I have a fourth grader this year, and my goal for her is that she will master her multiplication facts before we move onto division. When say “master,” I mean that she should know the answer to each problem immediately and be able to give it in under a second.
We are almost there! She has been working hard and her accuracy and speed improved so much in the last month.
We have been using five tools to help with her multiplication
facts. I figured that some fun and variety would help the process.
1. Learning Wrap-Ups. (Top middle in picture) These are a little vintage, as I remember having them when I was a fourth grader. The student wraps a string around each fact-family stick and then is able to check their accuracy by turning the stick over when finished. If the string matches the pattern on the back, each problem is correct.
I found these on Amazon.2. The FlashMaster (Left in picture)
2. Flash-Master This is a hand-held computer that times the student and keeps track of their accuracy and probgress. I love things that my kids can do on their own! This is great because it also has functions for addition, subtraction, and division. Once again, I found on Amazon.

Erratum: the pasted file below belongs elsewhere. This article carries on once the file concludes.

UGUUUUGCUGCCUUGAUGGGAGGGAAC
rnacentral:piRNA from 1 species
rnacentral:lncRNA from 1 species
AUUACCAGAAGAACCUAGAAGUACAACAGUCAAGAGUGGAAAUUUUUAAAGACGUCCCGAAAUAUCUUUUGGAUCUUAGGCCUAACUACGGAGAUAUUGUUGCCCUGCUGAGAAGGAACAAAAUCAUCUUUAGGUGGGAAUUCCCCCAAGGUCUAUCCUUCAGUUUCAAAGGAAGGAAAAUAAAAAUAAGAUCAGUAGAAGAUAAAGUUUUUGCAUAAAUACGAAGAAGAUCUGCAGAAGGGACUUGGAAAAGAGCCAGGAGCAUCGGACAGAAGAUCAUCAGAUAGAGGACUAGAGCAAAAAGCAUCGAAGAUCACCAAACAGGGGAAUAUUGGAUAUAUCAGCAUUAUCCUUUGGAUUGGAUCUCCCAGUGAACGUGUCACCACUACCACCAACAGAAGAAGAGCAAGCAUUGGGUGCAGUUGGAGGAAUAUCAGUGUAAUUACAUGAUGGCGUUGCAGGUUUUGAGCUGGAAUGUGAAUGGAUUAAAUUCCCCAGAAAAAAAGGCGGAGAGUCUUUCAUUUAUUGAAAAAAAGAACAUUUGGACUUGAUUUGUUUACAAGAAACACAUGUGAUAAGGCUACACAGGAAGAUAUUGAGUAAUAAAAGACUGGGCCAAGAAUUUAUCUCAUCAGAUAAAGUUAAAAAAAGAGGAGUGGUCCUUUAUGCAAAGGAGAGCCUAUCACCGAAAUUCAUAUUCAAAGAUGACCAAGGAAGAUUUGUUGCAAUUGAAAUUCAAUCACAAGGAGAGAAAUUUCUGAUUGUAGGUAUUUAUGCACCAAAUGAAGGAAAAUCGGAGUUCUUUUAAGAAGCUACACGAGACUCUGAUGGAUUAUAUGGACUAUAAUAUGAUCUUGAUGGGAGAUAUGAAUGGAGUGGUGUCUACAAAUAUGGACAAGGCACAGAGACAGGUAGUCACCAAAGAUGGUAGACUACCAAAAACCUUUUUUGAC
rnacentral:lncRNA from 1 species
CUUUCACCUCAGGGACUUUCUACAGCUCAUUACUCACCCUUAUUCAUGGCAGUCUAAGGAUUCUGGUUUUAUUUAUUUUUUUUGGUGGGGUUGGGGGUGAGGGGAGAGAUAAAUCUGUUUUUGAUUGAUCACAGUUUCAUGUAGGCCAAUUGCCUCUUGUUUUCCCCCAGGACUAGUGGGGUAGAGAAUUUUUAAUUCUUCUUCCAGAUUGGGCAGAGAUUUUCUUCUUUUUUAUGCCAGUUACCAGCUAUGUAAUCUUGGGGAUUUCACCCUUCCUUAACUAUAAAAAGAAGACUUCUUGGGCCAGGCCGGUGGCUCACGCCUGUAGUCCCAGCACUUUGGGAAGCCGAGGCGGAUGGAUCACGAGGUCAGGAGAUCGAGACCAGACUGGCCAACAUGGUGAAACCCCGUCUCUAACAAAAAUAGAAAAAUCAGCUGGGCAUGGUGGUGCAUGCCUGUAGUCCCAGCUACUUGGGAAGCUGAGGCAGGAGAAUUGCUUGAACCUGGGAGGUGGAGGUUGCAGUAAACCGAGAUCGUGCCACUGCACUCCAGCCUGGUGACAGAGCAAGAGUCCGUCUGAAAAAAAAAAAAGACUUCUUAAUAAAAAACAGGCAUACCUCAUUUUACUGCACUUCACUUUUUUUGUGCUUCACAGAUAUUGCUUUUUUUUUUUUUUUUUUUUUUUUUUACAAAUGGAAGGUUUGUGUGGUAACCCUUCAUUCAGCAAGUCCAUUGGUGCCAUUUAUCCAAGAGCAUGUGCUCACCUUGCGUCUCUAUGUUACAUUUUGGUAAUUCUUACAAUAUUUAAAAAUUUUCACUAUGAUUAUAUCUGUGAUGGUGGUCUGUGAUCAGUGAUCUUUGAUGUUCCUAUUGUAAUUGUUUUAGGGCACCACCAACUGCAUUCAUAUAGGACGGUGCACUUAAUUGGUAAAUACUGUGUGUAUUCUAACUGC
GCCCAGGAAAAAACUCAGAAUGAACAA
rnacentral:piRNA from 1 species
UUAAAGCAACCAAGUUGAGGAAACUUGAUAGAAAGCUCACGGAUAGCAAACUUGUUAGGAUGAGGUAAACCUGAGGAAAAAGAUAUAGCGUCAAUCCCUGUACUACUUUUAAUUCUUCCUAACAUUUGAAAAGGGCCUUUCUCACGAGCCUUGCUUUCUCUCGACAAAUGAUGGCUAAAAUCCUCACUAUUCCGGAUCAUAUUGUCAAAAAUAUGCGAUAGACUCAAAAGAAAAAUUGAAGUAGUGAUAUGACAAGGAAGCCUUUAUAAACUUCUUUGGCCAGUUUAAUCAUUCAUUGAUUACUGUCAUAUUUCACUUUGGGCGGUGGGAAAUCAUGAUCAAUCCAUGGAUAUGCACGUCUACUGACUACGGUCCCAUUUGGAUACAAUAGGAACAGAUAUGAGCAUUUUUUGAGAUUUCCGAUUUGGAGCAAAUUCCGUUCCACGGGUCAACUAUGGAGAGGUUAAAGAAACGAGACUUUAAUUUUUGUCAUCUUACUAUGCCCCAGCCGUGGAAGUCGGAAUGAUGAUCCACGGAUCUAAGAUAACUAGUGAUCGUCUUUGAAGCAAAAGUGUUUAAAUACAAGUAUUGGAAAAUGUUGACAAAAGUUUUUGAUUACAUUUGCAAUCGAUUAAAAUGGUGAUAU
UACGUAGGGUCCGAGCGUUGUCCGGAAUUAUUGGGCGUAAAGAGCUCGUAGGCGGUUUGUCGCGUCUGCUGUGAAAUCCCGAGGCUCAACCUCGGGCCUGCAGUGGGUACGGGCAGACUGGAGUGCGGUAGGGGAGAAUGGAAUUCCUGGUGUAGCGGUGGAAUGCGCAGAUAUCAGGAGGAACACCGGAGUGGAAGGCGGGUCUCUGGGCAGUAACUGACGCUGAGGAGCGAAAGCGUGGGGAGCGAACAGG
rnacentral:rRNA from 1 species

3. FastFacts. (Right in picture) This is a cardboard sheet with square cut-outs that is laid over blank sheet of paper. The student answers the problems and then flips the sheet over to check the answers.
4. Math-U-See Drill page. This httpsis a web page that can be accessed even if you aren’t a Math-U-See (a well-known math curriculum) customer. You can customize the exact facts that your students need to practice. For example, the last time we used it, I only had her do the 8’s and 9’s, the facts that need the most practice. Again, this is wonderful for all four math functions.
This one is a little unconventional, but it has been wonderful for our family. This is a computer game that challenges the player to make his/her escape from a treacherous castle while having to answer math questions to enter each new area. All of my kids beg to play it. This is my kind of math. 🙂